Tuesday, August 5, 2014

of zoos & critter-fests

I think cities feel like they need a place for kids to stare at the hugeness of an elephant, and somehow it's all worth it to get that moment when a kid reaches out and actually pets some horse or goat or whatever, and feels that kinship with the animal world. The animals, for their part, must live in captivity, and do as their trainers say, but they eat pretty well, don't have to fight for their food or worry about predators, and somehow seem to know that it's all about reaching out to the kids and they dutifully are pretty nice.

At the Science Spectrum / city Critter-fest there was a tiger show, a crocodile/alligator show, horse and elephant rides, even maybe a camel ride, and lots of other attractions, so it was about as close as the city of Lubbock could get to actually having a zoo for a few days. I was happy with it, because, even though they soaked us parents every time we turned around, and even the animals recognized and responded to the temporary nature of the crowded quarters, everyone did what they were supposed to: the animals gave the kids rides, and let themselves be petted, and everyone came out with a better sense of what animals are really like.

When you get right down to it, an animal will just pee or poop right where it is, because somebody is always there to clean it up, and it's one of the perks of living in captivity and letting kids pet you all the time. To the kids, who are right at the level where it all seems to fall right near them, it might be the most amazing thing about the animals, besides the general smell of hay and animal breath. In the tiger show, once, one of the tigers let out a mighty roar; I was really amazed. In the end I didn't know if they permitted that routinely or even if they encouraged it once in a while. In general they led the tigers around by a stick but the stick had raw meat out at the end of it, and you knew that the tiger was a little depressed to be in this huge cage, but then, he had plenty of raw meat all the time. It's a living, eh?

I obviously have mixed feelings about the whole thing, but I'll say this: I'm not sure the alternatives are all that much better. I think these days they figure that in order to be humane they have to have an enormous space for the animals before they even start, so a permanent zoo would have to be out of town or at the very least take up most of some park. And people like me aren't crazy about permanent open-air jails for creatures that have to be locked up at night, that require permanent guides and regular employees who feed them and, every once in a while, fall in the moat.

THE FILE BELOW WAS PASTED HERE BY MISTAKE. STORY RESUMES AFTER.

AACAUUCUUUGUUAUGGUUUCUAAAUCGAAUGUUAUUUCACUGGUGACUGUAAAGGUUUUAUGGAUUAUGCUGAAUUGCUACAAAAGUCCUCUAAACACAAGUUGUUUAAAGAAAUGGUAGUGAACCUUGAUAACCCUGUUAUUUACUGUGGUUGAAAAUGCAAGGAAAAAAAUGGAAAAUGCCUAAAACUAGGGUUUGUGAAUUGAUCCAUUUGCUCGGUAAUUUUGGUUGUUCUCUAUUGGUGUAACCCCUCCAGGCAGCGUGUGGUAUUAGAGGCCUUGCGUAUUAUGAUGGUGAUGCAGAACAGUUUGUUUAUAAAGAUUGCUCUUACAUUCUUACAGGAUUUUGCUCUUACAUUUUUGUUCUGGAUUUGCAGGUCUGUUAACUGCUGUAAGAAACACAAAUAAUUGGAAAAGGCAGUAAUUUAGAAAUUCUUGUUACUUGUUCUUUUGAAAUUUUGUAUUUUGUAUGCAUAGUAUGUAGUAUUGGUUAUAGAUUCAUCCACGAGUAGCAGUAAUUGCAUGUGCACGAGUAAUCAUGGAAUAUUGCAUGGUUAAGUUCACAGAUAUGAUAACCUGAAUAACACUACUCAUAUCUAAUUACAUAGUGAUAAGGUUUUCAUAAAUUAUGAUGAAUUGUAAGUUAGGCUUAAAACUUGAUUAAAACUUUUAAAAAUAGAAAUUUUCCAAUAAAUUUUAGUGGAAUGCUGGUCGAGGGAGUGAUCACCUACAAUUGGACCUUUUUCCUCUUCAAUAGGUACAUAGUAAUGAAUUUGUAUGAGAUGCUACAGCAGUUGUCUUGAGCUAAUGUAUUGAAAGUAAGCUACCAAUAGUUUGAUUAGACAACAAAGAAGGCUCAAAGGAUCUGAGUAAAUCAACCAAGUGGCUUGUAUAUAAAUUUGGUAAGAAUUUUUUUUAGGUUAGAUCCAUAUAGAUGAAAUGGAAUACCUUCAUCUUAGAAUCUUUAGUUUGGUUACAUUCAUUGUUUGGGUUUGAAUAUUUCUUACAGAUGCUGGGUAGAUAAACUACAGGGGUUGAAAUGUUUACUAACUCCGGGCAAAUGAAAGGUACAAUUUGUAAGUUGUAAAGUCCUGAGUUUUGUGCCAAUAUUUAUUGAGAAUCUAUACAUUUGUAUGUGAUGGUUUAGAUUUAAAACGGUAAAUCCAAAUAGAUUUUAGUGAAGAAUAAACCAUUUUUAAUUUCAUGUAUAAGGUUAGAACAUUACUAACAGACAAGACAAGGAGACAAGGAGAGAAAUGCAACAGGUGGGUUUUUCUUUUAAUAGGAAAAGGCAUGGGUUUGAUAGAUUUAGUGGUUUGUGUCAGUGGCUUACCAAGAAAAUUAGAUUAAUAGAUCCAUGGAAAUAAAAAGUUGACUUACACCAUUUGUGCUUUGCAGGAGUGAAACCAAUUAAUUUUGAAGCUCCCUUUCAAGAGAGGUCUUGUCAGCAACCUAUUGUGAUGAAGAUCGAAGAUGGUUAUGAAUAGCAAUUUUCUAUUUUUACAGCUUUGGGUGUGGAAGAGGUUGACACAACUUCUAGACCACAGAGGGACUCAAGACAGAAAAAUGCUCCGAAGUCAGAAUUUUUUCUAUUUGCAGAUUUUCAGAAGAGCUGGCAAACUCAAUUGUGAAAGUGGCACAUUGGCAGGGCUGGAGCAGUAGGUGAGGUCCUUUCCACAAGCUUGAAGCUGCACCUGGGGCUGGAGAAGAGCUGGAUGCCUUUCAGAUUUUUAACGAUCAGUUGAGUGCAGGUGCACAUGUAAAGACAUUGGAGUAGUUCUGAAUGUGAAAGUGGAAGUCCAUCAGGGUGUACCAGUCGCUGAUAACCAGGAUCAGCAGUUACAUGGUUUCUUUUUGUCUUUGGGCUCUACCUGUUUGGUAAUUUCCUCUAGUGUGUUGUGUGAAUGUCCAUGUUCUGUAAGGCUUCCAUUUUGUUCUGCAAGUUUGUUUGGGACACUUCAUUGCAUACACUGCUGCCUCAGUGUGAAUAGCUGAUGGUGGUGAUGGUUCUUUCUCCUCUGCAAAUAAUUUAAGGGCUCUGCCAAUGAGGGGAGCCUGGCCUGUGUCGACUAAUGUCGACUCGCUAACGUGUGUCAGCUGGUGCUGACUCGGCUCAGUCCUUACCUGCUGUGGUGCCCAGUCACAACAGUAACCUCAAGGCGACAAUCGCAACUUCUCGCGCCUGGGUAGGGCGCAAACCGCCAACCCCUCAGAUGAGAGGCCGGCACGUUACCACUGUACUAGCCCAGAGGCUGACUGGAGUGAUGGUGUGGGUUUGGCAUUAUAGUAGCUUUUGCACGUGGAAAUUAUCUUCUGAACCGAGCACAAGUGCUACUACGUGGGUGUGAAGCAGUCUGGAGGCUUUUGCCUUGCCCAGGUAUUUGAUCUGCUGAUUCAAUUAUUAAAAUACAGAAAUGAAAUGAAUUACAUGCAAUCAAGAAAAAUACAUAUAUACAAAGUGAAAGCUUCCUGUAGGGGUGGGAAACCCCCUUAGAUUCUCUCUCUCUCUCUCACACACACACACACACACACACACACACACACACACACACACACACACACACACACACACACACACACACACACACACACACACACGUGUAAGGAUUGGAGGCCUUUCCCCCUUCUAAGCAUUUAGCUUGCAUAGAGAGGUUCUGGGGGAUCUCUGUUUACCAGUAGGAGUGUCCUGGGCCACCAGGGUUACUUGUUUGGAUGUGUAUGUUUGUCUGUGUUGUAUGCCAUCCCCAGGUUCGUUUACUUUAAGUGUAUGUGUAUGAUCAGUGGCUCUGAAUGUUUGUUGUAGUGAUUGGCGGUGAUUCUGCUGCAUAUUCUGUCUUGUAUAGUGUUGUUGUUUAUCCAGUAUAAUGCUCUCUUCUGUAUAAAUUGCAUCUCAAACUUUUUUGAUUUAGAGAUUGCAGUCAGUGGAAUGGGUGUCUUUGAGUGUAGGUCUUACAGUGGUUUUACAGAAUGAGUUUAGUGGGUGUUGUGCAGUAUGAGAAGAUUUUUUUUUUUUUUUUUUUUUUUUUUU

But there's another option: a permanent buffalo prairie, somewhere just outside of town, with a place where people could come up to certain animals and get that moment of recognition, where they could peddle their wildlife preservation schemes and people could relate to the natural world in the kind of way that they used to around here, by watching buffaloes get up a good speed along a wides stretch of grass. This of course would require a huge commitment of land and money by the state, but would at least be feasible, and would run itself with very little upkeep.

When I lived in Kansas they had one of these across the border in Missouri, a place called Prairie State Park, in or near Lamar. The locals were mad for several reasons. One was that the local tax base was eroded and that put pressure on the schools to survive; these were schools that had trouble surviving anyway for lack of kids. A huge chunk of land carved out of the countryside, and put to buffalo, and there's that many fewer kids. But the other problem was brucelosis; the buffalo got it and gave it to the local cows, maybe? I can't remember the problem exactly, but it was something like that. It was kind of like the wolves at Yellowstone: actually preserving, or rebuilding a natural environment was very threatening to people who had basically devoted their lives to taming that environment.